The tales in this book have been used to a greater or lesser extent in the television adaptation. Even so, I heartily recommend reading the book for the subtle differences that are sometimes more enjoyable for being true. Perhaps my favourite of these is Worth's recounting of how involved Sister Julienne got in trying to encourage handyman Fred's pig-breeding activities. I laughed out loud, partly from the situation that ensues and partly due to Worth's expert recounting of it.

Several tales in this book span multiple chapters, maintaining the compact feeling of the book while allowing expansion on the stories of certain people. The story of a young woman coerced into prostitution is particularly dark, fitting into a wider analysis of the trade in East London at that time. Equally, the case of Mrs Jenkins and her experiences in the workhouse is heartbreaking.

There's a reason that this book is a best-seller and has been adapted into a hugely successful television series. Quite simply, it's well-written and heartfelt and I'm looking forward to reading the next book very soon.

Monday, 27 April 2015

Whoa? Whoa

I think, after the last few days, the word I'm looking for is definitely 'whoa'.

The big news is that on Friday I passed my viva with minor corrections. The extra-special viva playlist obviously worked. It contains all my magic powers and if I ever go anywhere without it I'll lose my doctorate... Fortunate that my headphones are surgically attached to my skull then, isn't it?

Five minutes before my viva I was having a major wobble and, unsurprisingly, music dragged me through it. These two songs got me in the lift and through the door. Betty Blue Eyes and Merrily We Roll Along - who'd have thunk?

Thanks to everyone for helping me on Friday, especially my dad, Sal, Claire and my brilliant supervisor. A few drinks were in order and, to celebrate, I even had a pink cocktail. This is me, said cocktail and Edmund, my present from Sal:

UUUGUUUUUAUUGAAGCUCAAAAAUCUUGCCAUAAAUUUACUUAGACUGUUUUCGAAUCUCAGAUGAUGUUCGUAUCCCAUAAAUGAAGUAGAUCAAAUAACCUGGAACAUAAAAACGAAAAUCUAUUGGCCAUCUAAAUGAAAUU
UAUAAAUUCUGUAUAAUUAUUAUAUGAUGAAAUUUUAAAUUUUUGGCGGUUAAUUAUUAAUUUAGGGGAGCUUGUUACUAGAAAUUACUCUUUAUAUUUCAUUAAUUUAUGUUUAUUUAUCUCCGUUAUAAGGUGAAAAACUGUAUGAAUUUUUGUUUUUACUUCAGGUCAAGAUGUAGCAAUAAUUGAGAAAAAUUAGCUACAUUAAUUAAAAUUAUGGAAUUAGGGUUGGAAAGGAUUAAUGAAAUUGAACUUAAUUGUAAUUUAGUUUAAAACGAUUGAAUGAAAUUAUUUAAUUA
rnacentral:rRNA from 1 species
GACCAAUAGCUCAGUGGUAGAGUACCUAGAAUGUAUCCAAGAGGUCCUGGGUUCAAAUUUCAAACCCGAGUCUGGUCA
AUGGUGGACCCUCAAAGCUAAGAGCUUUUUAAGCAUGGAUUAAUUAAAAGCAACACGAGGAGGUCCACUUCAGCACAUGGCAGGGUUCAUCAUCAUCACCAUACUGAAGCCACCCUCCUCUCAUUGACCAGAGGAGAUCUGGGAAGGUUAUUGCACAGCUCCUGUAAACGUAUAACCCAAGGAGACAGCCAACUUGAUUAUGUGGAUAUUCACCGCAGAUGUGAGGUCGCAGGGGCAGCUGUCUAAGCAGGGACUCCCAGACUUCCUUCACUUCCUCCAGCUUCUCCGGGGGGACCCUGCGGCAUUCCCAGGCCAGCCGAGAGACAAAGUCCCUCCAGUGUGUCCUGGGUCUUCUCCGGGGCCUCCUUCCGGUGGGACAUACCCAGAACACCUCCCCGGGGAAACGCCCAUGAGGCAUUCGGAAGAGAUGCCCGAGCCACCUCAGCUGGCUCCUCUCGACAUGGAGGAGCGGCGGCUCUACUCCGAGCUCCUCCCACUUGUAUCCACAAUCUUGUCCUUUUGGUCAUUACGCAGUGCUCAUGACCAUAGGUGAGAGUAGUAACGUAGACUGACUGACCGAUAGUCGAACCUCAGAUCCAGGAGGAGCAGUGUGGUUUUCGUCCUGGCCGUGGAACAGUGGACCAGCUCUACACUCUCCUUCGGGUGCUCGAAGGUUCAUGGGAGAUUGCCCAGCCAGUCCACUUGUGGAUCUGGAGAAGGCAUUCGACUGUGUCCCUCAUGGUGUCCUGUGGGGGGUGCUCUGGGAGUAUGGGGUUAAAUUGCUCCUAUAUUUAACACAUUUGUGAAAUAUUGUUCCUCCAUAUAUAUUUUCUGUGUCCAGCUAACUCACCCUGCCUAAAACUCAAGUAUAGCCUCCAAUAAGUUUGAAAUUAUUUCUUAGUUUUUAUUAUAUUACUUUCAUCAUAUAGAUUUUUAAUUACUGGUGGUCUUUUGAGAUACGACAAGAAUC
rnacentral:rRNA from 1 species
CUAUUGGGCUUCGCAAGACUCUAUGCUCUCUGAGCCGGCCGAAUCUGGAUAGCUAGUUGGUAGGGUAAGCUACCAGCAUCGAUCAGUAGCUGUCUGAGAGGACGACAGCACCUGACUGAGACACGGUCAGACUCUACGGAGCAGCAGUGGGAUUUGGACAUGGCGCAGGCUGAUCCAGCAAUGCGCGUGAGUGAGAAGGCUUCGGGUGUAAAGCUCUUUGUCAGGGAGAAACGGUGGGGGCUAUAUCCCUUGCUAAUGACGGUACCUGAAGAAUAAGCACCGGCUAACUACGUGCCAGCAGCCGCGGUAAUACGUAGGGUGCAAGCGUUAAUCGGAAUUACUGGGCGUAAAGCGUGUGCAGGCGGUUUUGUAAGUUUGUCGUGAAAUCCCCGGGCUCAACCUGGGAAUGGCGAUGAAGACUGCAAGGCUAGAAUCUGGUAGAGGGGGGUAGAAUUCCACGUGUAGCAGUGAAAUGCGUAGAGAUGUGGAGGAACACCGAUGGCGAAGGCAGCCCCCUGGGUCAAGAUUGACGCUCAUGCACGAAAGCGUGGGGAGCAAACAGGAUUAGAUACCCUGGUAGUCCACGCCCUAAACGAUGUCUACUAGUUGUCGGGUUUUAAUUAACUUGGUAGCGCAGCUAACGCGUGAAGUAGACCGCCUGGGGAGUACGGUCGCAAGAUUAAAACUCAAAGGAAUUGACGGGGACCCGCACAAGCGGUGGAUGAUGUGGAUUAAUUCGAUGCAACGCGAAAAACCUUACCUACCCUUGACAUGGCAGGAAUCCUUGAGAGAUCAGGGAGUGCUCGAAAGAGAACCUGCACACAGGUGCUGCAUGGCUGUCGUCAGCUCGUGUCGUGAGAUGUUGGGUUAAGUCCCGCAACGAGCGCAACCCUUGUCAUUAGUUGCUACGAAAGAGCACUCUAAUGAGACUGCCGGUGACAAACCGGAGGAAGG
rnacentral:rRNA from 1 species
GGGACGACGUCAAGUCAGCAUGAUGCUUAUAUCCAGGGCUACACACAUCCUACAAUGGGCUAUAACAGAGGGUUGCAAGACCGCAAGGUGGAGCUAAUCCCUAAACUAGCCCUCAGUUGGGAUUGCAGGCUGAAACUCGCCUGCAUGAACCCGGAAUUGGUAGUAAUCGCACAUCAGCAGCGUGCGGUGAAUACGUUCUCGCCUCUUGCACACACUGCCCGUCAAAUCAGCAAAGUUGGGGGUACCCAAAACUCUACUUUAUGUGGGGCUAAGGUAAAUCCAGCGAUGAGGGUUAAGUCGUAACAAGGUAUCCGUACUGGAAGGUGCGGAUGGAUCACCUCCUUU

So after all that excitement on Friday, I was wondering why I'd agreed to read a short story out at the Jackanory event on Saturday. The piece I regaled them with was 'Shredded Timbers', my prize-winning story from a few months ago. I think the reading went well though, I have to say, I was still a little bit bemused from the day before!

However, the twists and turns of life may have thrown something else in my path. Let's just say that if I was looking for the reason why I made the rather silly decision to attend Jackanory the day after my viva, I found it. As ever, Sondheim says it best...

"We're opening doors, singing, "Here we are!"
We're filling up days on a dime.
That faraway shore's looking not too far.
We're following every star,
There's not enough time!"

Friday, 24 April 2015

What's In a Playlist?

Me and music is one of those long-lasting affections. It'll outlast all my relationships, mean more to me than most things in this world and keep me going through troubled times. Usually, it perks me up, reminds me that there's something worth carrying on for. In compiling this playlist - designed to keep me positive - I had to dispense with many songs I consider favourites because they're so sad. You'd expect there to be more Judy here, for instance, but Judy invariably breaks my heart.

So here is my extra special playlist, split into categories. I realised pretty quickly that anything connected to Jerry Herman and Stephen Sondheim needed to be in its own categories. Those two masters of the musical have a lot to answer for. My adoration of Merrily We Roll Along, in particular, is on display.

Classic Musicals 

'A Step in the Right Direction' - Bedknobs and Broomsticks
'Finale' - Call Me Madam
'Cactus Time in Arizona' - Girl Crazy
'Processional' - The Sound of Music
'Golden Ticket' - Willy Wonka and the Chocolate Factory
'If My Friends Could See Me Now' - Sweet Charity
'Portobella Road' - Bedknobs and Broomsticks
'Substitutiary Locomotion' - Bedknobs and Broomsticks
'The Turnable Song' - Something in the Wind
'Put On a Happy Face' - Bye Bye Birdie
'Rosie' - Bye Bye Birdie
'It's a Lovely Day Today' - Call Me Madam
'That's Entertainment' - The Bandwagon
'Pick Yourself Up' - Swing Time
'Moses' - Singin' in the Rain
'One Brick At a Time' - Barnum
'If I Ruled the World' - Pickwick
'Thank You Very Much' - Scrooge
'Stereophonic Sound' - Silk Stockings
'Come Follow the Band' - Barnum
'The Colours of My Life Reprise' - Barnum
'Museum Song' - Barnum
'Out There' - Barnum
'I Like Your Style' - Barnum
'On How to Be Lovely' - Funny Face
'No Way to Stop It' - The Sound of Music
'Leave It to the Ladies' - Blitz
'Down the Lane' - Blitz
'The Roses of Success' - Chitty Chitty Bang Bang
'I Don't Care' - In the Good Old Summertime
'Ten Minutes Ago' - Cinderella
'Impossible' - Cinderella
'Join the Circus' - Barnum

Herman and Sondheim

'A Parade in Town' - Anyone Can Whistle
'Open a New Window' - Mame
'That's How Young I Feel' - Mame
'Suffragette March' - Mrs Santa Claus
'Whistle' - Mrs Santa Claus
'Bosom Buddies' - Mame
'Put On Your Sunday Clothes' - Hello, Dolly!
'Before the Parade Passes By' - Hello, Dolly!
'Some People' - Gypsy
'Mame' - Mame
'Chin Up, Ladies' - Milk and Honey
'Side by Side'/'What Would We Do Without You' - Company
'I Am What I Am' - La Cage aux Folles